Seven times per day on average, a person dies in a fire in this country. To reduce the number of fire deaths and injuries by 25 percent over the next five years, the American Red Cross has launched the nationwide Home Fire Preparedness Campaign.
As part of the campaign, Red Cross staff and volunteers are installing free smoke alarms in communities that have experienced a high number of fires. From 10 a.m. to 2 p.m. Saturday, March 21, the Red Cross will visit homes on Jake, Reuben, Mary and Gussie streets off Cecil Malone Drive in Ithaca.
In addition to offering smoke alarms and free installation, the Red Cross will provide fire safety education for the residents in that area. Joining the Red Cross staff will be volunteers from the Cornell University Greek Community who will participate as part of their Day of Demeter.
“We hope the Ithaca residents in these neighborhoods spend a few minutes with us on Saturday to take advantage of this potentially life-saving opportunity,” said American Red Cross Disaster Program Manager Jill Deskins, who oversees Tompkins County. “We’re excited to spread the word about fire safety throughout the Southern Tier as we will visit more communities over the next five years.”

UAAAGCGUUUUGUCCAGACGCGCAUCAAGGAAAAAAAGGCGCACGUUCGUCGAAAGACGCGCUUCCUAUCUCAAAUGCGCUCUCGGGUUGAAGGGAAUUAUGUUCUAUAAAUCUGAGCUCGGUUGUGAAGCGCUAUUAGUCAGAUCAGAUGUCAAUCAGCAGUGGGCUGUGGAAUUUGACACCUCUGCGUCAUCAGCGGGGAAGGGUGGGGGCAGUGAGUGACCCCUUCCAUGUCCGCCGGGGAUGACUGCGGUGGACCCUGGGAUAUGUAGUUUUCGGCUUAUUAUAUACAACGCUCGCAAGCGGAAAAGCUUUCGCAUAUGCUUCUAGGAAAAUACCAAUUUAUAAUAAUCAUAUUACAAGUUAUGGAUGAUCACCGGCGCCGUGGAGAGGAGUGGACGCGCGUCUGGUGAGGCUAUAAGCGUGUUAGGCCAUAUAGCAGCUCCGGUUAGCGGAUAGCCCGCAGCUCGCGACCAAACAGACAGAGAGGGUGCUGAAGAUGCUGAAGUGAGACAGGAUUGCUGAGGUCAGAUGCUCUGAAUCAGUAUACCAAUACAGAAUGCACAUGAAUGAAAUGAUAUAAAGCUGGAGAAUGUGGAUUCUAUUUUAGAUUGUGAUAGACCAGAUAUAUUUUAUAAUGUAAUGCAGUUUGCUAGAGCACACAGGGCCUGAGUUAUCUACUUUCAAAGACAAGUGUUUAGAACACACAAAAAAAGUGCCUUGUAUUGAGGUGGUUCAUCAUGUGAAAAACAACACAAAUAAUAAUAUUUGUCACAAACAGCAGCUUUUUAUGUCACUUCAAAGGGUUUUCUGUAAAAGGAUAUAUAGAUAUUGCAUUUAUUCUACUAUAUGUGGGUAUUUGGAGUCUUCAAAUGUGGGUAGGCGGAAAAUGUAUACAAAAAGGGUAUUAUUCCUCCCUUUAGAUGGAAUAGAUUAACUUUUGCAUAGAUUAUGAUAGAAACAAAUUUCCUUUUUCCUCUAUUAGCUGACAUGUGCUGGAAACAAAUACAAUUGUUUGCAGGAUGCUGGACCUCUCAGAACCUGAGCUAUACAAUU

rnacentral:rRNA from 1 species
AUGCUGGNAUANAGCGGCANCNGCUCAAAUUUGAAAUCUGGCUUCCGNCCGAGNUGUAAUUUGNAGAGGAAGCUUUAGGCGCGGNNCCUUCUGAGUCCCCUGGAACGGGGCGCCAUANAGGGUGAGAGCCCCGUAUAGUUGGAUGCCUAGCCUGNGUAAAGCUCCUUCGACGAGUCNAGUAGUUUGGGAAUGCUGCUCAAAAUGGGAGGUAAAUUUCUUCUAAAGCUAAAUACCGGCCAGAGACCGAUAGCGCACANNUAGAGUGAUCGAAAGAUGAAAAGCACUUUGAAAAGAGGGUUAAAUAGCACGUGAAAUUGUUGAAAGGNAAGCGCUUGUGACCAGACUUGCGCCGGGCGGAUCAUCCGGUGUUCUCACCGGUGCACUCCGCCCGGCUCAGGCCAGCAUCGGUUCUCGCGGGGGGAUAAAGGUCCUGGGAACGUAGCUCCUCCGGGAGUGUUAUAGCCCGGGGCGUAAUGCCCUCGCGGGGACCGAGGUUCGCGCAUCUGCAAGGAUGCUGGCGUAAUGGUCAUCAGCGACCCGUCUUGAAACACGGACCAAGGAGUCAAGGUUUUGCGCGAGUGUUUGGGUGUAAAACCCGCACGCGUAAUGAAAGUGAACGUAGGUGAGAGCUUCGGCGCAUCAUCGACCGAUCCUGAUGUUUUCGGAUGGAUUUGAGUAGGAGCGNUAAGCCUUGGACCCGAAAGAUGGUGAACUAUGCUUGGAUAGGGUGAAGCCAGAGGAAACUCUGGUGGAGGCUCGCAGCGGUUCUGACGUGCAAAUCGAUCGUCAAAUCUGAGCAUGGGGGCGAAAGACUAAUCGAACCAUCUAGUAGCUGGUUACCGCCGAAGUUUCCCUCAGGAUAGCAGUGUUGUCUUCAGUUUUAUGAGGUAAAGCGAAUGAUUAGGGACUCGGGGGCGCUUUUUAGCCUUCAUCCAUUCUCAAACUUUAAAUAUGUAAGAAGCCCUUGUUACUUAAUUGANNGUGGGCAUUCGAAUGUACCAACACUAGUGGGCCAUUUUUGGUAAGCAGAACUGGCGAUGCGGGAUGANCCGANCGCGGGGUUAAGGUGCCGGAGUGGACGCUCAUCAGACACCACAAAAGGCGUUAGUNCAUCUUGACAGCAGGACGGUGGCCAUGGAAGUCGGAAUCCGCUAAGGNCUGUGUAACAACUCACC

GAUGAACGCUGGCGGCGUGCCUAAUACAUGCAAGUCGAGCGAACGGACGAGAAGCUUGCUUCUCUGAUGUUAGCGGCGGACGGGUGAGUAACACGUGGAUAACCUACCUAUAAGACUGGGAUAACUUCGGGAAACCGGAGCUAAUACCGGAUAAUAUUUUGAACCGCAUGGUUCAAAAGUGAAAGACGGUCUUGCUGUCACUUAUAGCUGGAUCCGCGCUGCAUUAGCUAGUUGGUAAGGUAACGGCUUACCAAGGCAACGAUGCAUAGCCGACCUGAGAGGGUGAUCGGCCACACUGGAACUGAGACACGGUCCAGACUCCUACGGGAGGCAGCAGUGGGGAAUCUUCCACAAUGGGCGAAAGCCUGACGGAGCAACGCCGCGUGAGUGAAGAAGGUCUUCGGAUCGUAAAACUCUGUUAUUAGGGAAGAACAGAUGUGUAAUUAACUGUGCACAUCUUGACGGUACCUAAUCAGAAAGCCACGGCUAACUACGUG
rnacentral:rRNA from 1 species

Home fires affect more people annually in the United States than floods, tornadoes and hurricanes combined, according to statistics compiled by the American Red Cross. The Red Cross is asking every household in America to take the two simple steps that can save lives: check existing smoke alarms and practicing fire drills at home. For more Red Cross fire safety and preparedness information, visit redcross.org/homefires.
Anyone interested in having a free smoke alarm installed in their home should contact Deskins at email@example.com or (607) 785-7207.
Home Fire and Smoke Alarm Facts:
• Home fires in the United States kill more than 2,500 people annually and cause an average of 13,000 injuries. (These figures do not include firefighter deaths or injuries.)
• Home fires cause nearly $7 billion in property damage annually.
• Smoke alarms are either missing or non-functional in 73 percent of rural home fires.
• Nearly two-thirds of all fire-related deaths occur in homes that have no functioning smoke alarms.